Framing the Found Footage Horror Film

Sayad, Cecilia (2014) Framing the Found Footage Horror Film. In: Society for Cinema and Media Studies Conference 2014, 18-23 March 2014, Seattle, USA. (Unpublished) (The full text of this publication is not currently available from this repository. You may be able to access a copy if URLs are provided)

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Abstract

The filming of strange phenomena in “Paranormal Activity” is often followed by the characters’ analysis of the recorded material, suggesting that the image can contain the evil force disturbing the female protagonist’s sleep. It is as if by containing the supernatural inside the borders of a screen Micah and Katie could better understand, measure, and even control it. Ironically, the act of filming backfires, and instead invites the “monster” into the characters’ lives. This paper explores the found-footage horror film’s approach to this tension between containing and the uncontainable, which has pervaded theories of framing. Indeed, the frame becomes the element through which I investigate the implications of the found-footage horror’s documentary claim and style on our perception of the film’s connection with the surrounding real. While considerations about the real in the study of horror usually address the possibility of a causal link between a general mood and the tone of the films produced at a certain point in history, this paper proposes a different approach—one that reflects on the increasingly tenuous boundaries separating representation from real life: the popularity of reality TV being this phenomenon’s clearest illustration. It is hence that I propose that we look at what the horror film’s relationship to the real says about the movies’ desire to at once erect and erode the boundaries separating the fictional diegesis from the world that surrounds it. “Paranormal Activity” blurs the distinction between film and reality at three levels: the presentation of the story as real (collapsing fact and fiction), the diegetic status of the cameras (merging the filmic with the extrafilmic), and the style of framing (playing on the separation between on- and off-screen spaces, visually dramatizing the sense that the film and the extrafilmic are separated by a thin membrane). Though these elements overlap I will gradually move from a macro to a micro level—from the existential status of the represented events as fictional or documentary to the spatial separation between film and the extrafilmic, and finally to framing’s contribution to the resulting sense of instability at the other two levels.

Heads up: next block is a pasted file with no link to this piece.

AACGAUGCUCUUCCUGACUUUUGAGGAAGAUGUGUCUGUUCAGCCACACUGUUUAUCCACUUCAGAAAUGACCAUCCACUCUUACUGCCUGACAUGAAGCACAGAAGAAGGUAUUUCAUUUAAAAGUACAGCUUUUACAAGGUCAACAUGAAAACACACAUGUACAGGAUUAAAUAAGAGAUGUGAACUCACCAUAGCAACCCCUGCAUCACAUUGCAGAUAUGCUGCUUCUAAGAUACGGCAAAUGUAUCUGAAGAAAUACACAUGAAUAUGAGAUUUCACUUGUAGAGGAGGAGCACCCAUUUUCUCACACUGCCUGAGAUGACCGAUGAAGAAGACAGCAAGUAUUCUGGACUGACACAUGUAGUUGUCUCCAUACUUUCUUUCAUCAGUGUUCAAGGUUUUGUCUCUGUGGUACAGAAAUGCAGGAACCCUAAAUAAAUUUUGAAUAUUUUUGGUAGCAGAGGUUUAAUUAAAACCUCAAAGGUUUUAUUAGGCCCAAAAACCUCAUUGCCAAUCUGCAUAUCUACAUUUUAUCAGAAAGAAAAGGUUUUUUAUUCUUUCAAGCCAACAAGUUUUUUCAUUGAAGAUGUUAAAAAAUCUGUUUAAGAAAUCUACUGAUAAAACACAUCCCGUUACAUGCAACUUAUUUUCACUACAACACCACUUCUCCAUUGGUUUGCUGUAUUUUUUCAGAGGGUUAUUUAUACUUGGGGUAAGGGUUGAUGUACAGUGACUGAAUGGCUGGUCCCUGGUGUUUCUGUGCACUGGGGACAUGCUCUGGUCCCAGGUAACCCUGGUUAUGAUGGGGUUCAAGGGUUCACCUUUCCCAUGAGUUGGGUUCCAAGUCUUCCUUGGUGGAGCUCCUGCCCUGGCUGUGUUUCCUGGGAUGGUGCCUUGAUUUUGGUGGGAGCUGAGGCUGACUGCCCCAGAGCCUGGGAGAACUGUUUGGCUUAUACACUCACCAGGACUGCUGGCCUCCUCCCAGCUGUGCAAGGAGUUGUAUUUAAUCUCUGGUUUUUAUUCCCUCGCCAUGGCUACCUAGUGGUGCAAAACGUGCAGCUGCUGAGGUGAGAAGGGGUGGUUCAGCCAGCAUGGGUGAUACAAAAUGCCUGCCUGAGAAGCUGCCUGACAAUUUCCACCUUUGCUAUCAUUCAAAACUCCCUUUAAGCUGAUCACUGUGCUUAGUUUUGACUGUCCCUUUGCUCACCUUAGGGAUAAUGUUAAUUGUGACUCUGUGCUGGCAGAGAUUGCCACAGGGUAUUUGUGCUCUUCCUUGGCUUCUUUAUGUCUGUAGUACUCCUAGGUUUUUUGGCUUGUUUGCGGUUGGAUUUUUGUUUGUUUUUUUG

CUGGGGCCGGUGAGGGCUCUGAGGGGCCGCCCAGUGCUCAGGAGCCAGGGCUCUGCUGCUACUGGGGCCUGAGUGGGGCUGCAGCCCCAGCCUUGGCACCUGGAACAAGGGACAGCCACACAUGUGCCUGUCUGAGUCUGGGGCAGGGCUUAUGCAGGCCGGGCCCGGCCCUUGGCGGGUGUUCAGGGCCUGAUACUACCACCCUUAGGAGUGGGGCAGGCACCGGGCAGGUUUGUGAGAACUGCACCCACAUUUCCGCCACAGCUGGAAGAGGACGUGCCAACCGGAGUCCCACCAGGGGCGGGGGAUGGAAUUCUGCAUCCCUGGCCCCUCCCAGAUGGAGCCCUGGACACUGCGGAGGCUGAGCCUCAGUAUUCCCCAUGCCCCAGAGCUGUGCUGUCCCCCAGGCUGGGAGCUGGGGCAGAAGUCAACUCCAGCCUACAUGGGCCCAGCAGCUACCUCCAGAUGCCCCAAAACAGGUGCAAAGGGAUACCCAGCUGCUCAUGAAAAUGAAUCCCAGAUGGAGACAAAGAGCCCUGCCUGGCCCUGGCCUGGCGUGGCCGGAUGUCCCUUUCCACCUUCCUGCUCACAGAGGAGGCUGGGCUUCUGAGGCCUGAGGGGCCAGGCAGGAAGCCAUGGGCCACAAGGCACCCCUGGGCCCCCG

Item Type: Conference or workshop item (Paper)
Uncontrolled keywords: horror film, frame, found footage, documentary, realism, reality, paranormal activity
Subjects: P Language and Literature > PB Modern European Languages (inc film, TV and radio studies) > PB2994 Film Studies
Divisions: Faculties > Humanities > School of Arts > Film
Depositing User: Cecilia Sayad
Date Deposited: 28 Jul 2014 17:25 UTC
Last Modified: 28 Jul 2014 17:31 UTC
Resource URI: https://kar.kent.ac.uk/id/eprint/42008 (The current URI for this page, for reference purposes)
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